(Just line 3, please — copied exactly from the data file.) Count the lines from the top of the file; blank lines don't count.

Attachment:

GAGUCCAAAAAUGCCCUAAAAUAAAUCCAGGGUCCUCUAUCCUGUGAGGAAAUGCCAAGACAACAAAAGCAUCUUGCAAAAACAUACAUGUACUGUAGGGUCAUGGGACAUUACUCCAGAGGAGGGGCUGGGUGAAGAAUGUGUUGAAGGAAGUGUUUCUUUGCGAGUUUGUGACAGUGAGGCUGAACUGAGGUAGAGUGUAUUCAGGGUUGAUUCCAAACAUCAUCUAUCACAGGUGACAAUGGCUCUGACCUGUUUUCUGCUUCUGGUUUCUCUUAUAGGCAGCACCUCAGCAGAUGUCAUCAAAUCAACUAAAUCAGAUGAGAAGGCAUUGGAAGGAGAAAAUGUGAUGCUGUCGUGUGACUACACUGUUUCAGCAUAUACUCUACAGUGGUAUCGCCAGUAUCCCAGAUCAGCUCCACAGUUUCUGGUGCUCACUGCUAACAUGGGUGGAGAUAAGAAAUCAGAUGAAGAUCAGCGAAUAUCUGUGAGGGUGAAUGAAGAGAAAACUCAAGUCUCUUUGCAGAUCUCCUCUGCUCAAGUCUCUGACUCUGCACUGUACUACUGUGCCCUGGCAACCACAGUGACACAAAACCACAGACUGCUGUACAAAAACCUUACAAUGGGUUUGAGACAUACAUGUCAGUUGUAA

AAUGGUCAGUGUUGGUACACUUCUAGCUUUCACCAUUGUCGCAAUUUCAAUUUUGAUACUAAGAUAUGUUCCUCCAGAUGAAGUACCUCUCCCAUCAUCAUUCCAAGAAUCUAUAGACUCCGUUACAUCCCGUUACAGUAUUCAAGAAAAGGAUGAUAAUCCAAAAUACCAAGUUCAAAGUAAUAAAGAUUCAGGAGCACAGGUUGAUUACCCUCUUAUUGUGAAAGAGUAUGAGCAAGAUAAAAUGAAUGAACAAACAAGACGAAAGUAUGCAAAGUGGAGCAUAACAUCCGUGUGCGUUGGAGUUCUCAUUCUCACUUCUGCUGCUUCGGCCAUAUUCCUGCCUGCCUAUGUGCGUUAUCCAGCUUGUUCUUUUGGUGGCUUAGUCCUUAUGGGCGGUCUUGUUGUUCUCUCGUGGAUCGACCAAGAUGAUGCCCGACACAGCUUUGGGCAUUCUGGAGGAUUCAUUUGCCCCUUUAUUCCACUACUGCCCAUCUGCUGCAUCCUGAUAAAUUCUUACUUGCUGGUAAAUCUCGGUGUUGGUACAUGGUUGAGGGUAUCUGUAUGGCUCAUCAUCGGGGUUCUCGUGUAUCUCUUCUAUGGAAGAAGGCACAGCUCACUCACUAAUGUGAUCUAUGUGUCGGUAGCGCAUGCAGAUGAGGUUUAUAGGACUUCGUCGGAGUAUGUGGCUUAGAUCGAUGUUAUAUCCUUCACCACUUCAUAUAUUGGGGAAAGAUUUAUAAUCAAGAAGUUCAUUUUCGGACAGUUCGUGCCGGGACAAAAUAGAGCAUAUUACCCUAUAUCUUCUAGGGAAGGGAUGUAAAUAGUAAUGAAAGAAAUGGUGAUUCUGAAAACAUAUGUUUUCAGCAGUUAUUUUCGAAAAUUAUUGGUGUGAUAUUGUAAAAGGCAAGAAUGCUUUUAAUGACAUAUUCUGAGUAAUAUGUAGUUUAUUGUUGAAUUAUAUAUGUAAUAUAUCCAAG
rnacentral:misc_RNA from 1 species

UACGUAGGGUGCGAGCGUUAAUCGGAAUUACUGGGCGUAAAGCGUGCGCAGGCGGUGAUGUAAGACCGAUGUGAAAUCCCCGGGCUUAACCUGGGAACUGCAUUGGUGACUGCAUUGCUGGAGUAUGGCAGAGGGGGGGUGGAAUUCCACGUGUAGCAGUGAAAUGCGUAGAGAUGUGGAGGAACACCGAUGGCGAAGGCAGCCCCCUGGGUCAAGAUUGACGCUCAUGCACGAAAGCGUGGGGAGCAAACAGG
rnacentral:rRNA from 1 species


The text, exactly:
rnacentral:misc_RNA from 1 species